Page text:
Could such an approach also be applied to people in same-sex covenanted partnerships? The CofF could be read in a way that would imply an affirmative answer to this question—if indeed the churches’ priorities should be on bringing “strength and healing.” Of course, such a reading and application would stand in tension with the Membership Guidelines’ use of the CofF.
Another question we should ask about the Membership Guidelines’ use of the CofF arises when we look at the introduction to the CofF, remembering that the introduction was also affirmed by both the General Conference Mennonite Church and Mennonite Church in 1995 when the CofF was officially approved by the denominations. In the introduction, we read of six ways the CofF “serves the church.” That is, the CofF itself gives instruction concerning the role it is meant to serve in the Mennonite churches. This is what it says: “How do Mennonite confessions of faith serve the church? First, they provide guidelines for the interpretation of Scripture. At the same time, the confession itself is subject to the authority of the Bible. Second, confessions of faith provide guidance for belief and practice. In this connection, a written statement should support but not replace the lived witness of faith. Third, confessions build a foundation for unity within and among churches. Fourth, confessions offer an outline for instructing new church members and for sharing information with inquirers. Fifth, confessions give an updated interpretation of belief and practice in the midst of changing times. And sixth, confessions help in discussing Mennonite belief and practice with other Christians and people of other faiths.”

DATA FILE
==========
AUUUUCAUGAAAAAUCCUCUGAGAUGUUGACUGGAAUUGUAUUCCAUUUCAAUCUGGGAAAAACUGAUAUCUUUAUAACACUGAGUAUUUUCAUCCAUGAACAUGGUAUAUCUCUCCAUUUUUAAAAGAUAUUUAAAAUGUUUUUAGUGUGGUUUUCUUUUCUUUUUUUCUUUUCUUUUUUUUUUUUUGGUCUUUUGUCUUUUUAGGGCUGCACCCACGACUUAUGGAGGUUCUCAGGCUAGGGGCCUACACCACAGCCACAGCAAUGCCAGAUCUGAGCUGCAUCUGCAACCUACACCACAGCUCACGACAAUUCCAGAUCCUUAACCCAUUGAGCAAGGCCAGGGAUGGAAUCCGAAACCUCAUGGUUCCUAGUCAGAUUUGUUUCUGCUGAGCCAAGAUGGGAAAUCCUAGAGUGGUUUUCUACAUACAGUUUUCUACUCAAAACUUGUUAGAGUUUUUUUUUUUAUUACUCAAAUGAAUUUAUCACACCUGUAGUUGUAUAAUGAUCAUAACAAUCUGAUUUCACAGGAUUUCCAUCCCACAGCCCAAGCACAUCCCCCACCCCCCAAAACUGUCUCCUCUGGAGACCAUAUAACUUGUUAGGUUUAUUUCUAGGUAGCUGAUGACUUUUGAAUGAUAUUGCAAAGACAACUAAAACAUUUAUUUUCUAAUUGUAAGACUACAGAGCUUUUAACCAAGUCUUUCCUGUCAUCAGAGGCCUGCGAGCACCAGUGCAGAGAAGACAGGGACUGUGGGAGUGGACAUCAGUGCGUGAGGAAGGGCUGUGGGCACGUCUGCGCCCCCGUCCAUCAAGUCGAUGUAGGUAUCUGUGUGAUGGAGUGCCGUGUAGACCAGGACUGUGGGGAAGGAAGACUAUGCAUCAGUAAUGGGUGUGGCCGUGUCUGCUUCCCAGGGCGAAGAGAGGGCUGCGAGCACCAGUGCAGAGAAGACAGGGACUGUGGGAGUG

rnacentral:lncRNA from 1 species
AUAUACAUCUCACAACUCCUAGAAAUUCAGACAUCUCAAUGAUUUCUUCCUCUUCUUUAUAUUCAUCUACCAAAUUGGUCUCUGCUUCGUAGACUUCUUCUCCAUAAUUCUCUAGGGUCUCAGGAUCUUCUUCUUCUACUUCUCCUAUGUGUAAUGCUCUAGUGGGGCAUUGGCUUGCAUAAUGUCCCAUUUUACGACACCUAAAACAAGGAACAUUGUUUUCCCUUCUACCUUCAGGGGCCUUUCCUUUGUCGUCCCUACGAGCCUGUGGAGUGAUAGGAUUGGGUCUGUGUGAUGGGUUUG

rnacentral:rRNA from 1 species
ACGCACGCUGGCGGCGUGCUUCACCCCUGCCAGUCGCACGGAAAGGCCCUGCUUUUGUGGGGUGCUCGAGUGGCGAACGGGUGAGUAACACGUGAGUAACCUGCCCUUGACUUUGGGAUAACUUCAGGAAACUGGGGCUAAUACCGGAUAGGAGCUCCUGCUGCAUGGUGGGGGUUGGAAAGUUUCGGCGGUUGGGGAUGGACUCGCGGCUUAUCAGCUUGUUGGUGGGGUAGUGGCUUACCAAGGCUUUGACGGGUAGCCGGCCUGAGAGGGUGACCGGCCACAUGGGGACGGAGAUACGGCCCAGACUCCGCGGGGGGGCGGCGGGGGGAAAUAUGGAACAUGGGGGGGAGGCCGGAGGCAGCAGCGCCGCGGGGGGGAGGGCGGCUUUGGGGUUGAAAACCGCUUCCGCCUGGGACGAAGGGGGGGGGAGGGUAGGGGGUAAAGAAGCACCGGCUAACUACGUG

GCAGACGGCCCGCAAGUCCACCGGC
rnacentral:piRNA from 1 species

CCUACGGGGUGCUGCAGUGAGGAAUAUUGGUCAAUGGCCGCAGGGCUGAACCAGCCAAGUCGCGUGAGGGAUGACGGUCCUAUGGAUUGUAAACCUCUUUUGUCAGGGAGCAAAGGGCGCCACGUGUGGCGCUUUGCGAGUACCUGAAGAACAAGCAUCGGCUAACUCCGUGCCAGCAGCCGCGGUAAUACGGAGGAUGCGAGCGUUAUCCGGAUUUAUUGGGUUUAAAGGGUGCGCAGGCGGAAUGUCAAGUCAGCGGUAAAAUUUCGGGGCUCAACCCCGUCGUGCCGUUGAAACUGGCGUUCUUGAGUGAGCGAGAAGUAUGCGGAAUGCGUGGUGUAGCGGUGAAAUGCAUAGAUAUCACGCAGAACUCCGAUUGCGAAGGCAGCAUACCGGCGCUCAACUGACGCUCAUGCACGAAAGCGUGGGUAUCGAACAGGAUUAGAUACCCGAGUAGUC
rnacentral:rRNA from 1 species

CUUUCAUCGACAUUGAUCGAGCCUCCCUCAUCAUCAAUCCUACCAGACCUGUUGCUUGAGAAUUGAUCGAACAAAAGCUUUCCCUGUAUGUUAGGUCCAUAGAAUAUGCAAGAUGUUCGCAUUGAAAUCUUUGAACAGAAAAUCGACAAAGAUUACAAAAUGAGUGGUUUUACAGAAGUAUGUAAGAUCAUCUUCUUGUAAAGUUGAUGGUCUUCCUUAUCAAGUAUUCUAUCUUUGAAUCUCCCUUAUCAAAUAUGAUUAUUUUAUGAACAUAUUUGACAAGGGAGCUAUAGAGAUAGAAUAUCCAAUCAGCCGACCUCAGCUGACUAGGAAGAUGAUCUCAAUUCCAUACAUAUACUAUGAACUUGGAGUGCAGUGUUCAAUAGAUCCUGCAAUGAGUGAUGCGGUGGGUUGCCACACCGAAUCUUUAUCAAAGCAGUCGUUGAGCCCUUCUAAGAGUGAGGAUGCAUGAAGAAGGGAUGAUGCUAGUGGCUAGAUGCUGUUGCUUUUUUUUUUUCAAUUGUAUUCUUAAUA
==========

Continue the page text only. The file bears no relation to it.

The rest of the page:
What’s missing? Anything hinting that the CofF is meant to be used as an authoritative basis for a boundary marking “teaching position”—not to mention that the CofF should not be used as the basis for such a “teaching position” on a topic it doesn’t even address.